Corporal William Anthony Biraga
On December 26, 1943 William Anthony Biraga was serving with Company I, Third Battalion, First Marines Division in WWII. He was up against Japanese forces in the Battle of Cape Gloucester on the island of New Britain, a territory of New Guinea in the South Pacific. The objective of this battle was to capture a major Japanese airfield on the island as well as set up safe passage for Allied Forces through the straits separating New Guinea from the island of New Britain. The code name for this fierce battle was Operation Cartwheel; it began in mid-December 1943 and ran through April 1944.
DUTY BEFORE SELF
Corporal Biraga led a group of six men behind a General Sherman tank in an assault against Japanese pillboxes [a fortified trench with a keyhole or loophole to fire weapons]. During this battle, Biraga became severely wounded, however he continued to direct his men against the enemy pillboxes until they were put out of action.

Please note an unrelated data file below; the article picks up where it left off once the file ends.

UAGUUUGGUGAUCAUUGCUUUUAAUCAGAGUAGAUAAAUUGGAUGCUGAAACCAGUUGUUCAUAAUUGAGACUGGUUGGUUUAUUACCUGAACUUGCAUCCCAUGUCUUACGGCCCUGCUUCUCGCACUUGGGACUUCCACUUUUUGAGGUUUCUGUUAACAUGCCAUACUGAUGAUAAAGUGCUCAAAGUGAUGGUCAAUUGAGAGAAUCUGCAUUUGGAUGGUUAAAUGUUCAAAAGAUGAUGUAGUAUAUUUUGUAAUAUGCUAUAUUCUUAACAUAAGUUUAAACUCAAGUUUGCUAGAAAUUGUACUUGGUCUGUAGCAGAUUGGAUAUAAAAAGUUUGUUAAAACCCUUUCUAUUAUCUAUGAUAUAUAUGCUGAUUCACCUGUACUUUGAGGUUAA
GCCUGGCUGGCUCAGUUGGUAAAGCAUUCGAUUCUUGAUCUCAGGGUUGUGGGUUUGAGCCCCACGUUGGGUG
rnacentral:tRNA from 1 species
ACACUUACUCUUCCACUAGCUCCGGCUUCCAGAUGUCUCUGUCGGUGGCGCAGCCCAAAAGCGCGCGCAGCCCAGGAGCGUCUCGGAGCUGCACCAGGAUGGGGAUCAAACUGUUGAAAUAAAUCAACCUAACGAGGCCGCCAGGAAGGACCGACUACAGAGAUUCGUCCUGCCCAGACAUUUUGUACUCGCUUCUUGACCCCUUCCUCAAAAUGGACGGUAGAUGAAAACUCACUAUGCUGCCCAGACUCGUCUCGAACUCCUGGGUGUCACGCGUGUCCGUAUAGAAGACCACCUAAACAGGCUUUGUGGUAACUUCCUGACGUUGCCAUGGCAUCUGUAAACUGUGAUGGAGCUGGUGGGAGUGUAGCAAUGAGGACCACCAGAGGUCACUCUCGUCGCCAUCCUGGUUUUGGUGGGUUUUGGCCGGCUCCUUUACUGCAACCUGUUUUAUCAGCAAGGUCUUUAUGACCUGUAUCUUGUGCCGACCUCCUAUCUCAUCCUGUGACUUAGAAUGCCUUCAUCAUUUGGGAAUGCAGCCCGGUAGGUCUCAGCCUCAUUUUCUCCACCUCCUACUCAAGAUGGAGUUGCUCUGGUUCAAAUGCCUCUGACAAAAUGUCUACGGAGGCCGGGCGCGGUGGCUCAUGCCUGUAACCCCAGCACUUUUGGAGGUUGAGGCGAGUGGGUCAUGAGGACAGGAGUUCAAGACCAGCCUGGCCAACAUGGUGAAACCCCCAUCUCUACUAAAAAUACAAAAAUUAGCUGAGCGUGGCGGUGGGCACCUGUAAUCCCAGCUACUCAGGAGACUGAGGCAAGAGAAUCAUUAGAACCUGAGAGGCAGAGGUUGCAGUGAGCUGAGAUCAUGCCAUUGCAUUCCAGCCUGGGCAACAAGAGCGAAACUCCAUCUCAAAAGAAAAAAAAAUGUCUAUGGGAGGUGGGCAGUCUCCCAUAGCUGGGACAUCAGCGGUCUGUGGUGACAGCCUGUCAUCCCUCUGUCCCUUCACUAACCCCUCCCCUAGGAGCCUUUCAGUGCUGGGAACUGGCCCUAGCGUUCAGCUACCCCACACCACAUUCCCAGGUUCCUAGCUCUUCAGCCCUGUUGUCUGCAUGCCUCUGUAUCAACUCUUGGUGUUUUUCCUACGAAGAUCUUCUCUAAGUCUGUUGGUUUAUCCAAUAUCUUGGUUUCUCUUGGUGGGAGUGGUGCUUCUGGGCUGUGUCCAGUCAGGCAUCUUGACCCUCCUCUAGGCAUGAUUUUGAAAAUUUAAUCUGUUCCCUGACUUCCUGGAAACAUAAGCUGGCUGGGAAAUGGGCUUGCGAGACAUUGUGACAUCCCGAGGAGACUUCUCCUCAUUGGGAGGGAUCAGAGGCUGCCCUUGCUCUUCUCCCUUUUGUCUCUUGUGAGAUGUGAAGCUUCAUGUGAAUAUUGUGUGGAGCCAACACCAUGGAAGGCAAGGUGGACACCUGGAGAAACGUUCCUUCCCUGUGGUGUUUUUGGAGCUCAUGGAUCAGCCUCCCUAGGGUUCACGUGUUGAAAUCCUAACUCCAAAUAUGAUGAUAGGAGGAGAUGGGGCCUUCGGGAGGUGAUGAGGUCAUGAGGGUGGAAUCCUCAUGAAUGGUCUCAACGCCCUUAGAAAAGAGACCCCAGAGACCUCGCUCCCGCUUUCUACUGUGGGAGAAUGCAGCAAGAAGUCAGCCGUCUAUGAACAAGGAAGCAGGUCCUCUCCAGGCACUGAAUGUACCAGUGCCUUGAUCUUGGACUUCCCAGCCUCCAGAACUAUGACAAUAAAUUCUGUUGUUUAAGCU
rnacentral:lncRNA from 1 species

Biraga was evacuated to a waiting LST-453 [ Tank Landing Ship – an amphibious boat] where he died while headed to 362nd Station Hospital at Oro Bay, New Guinea. He was initially interred at the US Military Cemetery in Soputa, New Guinea then transferred home to Detroit for re-burial in Mount Olivet cemetery.
Biraga Memorial playground was dedicated in 1952 and was originally on Dwyer Street near the convergence of Detroit and Hamtramck. Biraga lived with his Polish immigrant parents on Comstock Street about 10 blocks north. Recently, the playground was revamped and incorporated into a newer apartment complex built on the same property. Fronting Mount Elliot, this new, tidy playground offers kids in a great place to play while keeping the memory of William Biraga alive.